These changes have been due to the interplay of a number of factors, such
reform back to top
After decades of ‘financial repression’, most
countries in the world underwent significant financial sector reform over
the last two decades in an attempt to reduce or eliminate distortions in
financial markets, deepen the financial sector and strengthen financial
institutions. Trade liberalization — i.e. market opening and the elimination
of discrimination against foreign services and institutions — was a crucial
part of those endeavours.
developments back to top
Technological developments are changing the nature
of the financial system, modifying the organization of financial activity,
and challenging the dominance of traditional distribution channels. The
Internet is a good example of this.
Consolidation back to top
Consolidation in the financial services sector,
both domestically and cross-border, is one of the key trends affecting the
sector, as a consequence of a perceived need for firms to secure economies
of scale and scope in an environment characterized by more open and less
fragmented markets. This is reflected in the decline in the number of
financial institutions, and the rise of mergers and acquisitions, both in
developed and emerging economies. This process has also had the effect of
increasing concentration levels in some national markets, and is also
changing the ownership structure of domestic financial institutions.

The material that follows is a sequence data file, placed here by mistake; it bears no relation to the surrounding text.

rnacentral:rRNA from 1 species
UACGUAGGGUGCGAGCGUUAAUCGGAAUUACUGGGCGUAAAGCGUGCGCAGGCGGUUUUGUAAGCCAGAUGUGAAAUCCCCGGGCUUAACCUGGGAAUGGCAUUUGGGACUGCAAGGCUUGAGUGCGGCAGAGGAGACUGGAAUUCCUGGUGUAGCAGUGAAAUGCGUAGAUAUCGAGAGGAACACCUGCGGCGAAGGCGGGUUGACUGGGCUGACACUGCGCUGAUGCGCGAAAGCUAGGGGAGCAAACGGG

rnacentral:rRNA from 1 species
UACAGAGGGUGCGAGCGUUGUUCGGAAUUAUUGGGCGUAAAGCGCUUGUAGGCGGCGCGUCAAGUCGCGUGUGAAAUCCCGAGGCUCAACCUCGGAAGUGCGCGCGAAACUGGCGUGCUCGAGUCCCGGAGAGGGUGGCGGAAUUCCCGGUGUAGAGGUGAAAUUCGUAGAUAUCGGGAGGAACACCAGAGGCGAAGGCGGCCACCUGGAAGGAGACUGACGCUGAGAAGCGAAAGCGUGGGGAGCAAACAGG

Internationalization of financial services back to top
Financial services have become increasingly
internationalized over the years. The presence of foreign financial services
providers in national markets has grown significantly in the last two
decades. As shown by recent studies, market shares of majority foreign-owned
banks increased dramatically in East Asia, Eastern Europe and Latin America,
sometimes exceeding 50 per cent of the market. Cross-border trade in
financial services is also an important component of services exports
worldwide. In 2005, financial services and insurance accounted for 18 per
cent of world exports of ‘other commercial services’. Financial services
trade has experienced rapid growth in recent years. For example, between
2000 and 2005, insurance was among the top three fastest growing sectors,
with a rate of 14 per cent (WTO
International Trade Statistics 2007).
Changing role of
financial services providers back to top
With falling barriers to entry in the financial
services industry, the differences between financial institutions have been
eroded, and an increasing number of competitive services and products are
being offered by different types of institutions. For example, commercial
banks have been allowed to enter into investment banking, finance companies
provide banking products, and insurance companies also provide different
forms of financing.
Competition and outsourcing back to top
Cost reduction has become a priority for
institutions in the new competitive environment, and one of the responses to
cost pressures within the sector has been the outsourcing of specific
functions to other countries, a process usually referred to as ‘offshoring’.
Outsourcing/offshoring has become a significant feature of the international
financial services sector.